Beagle 101: A Breed Resource Guide

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Get to know the breed before you adopt! We are breaking down beagle behavior and tips for success. Learn about these vocal and curious hounds:

Beagle Behavior & Facts 

Beagles at a Glance

Beagles are scent hounds, a type of hunting dog historically bred to track small prey for miles. Intrepid, friendly, and strong-willed, beagles’ talents can get them into trouble. They require patient owners who provide safe outlets for their skills. If not, owning a beagle can be chaotic and frustrating.

Health and Longevity

Beagles typically live between 12 to 15 years. They are prone to thyroid troubles, and some eye conditions. Their delightful floppy ears need regular cleaning to prevent infection. Beagles are prone to unhealthy weight gain, especially if they are allowed to free-feed or access human food. A healthy weight for a beagle usually hovers around 20 to 30 pounds.

Energy and Stamina

Potential beagle owners should already enjoy getting out of the house for regular adventures. Two to three daily walks and playing in yards are great ways to burn off this hound’s energy. But sustained activity (hiking, trail running, jogging, etc) will really satisfy your beagle’s need to explore. A well-exercised beagle makes a great couch buddy!

All about their nose

Owners frequently struggle to hold their beagle’s attention when they catch a scent. Their nose takes charge! A beagle’s response to even basic commands will be inconsistent. They are known to have poor recall and should be kept on leash on walks.

Beagles are determined to follow scents for as long as they can, regardless of established boundaries. They escape poorly secured yards and should not be left unsupervised outdoors. They can be tenacious diggers and even agile climbers!

You should be just as watchful indoors. Their expert nose means they are overly food driven. Expect frequent attempts to break into trashcans and pull food off counters. They can easily become destructive when under-stimulated and left to their own devices. This is exacerbated if they spend too much time alone.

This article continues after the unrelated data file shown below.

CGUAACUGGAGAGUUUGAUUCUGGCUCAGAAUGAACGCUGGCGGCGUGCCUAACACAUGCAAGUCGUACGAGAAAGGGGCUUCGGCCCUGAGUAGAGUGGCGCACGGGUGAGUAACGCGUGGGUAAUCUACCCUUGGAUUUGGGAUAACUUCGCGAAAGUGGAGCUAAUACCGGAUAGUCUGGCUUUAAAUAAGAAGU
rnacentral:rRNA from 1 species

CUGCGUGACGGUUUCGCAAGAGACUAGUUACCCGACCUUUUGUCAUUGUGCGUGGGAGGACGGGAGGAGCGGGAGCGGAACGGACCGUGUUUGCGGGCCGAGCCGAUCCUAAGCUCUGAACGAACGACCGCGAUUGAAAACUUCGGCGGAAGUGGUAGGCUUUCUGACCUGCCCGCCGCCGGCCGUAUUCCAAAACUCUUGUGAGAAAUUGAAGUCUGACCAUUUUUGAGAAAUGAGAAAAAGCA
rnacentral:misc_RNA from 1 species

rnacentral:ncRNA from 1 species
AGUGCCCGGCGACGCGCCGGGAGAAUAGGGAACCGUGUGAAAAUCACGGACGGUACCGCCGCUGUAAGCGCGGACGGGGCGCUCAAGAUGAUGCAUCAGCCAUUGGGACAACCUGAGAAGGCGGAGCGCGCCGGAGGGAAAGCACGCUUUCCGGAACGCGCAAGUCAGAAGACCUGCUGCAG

Beagles and other hounds make a distinct, specialized vocalization called a “bay.” Baying was bred into beagles to alert hunters and other dogs to the presence of prey. Baying is nearly impossible to train out of beagles. They are also prone to frequent regular barks and howls. This is challenging for apartment dwellers. If you want a quiet dog, a beagle is not the best breed for you.

Known to chase animals

Beagles have a VERY strong instinct to pursue small animals. Therefore, integrating beagles with cats, rabbits, or chickens can be hard. They also may pursue wildlife, with no regard for their own safety or your attempts to stop them.

Beagle Tips for Success

Prevent Mischief!

Child-proof cabinets, trash bins, and any other areas beagles may investigate. Keep your beagle in a crate while you’re away. Make regular repairs to any areas your beagle could use to escape. It cannot be said enough: always keep your beagle on a leash.

Your beagle loves to sniff—and you should let them!

Give them ample opportunities to utilize their olfactory talents through training and enrichment.

Never yell at your beagle for baying.

This can frighten them. Or they might just think you’re joining the chorus.

Set boundaries with food.

Control portions and do not feed your beagle from the table. Utilize puzzle feeders to keep mealtime engaging.

Be patient and consistent.

Your beagle isn’t stubborn or a bad listener when he displays frustrating behaviors. They are just very good at what they were bred to do!


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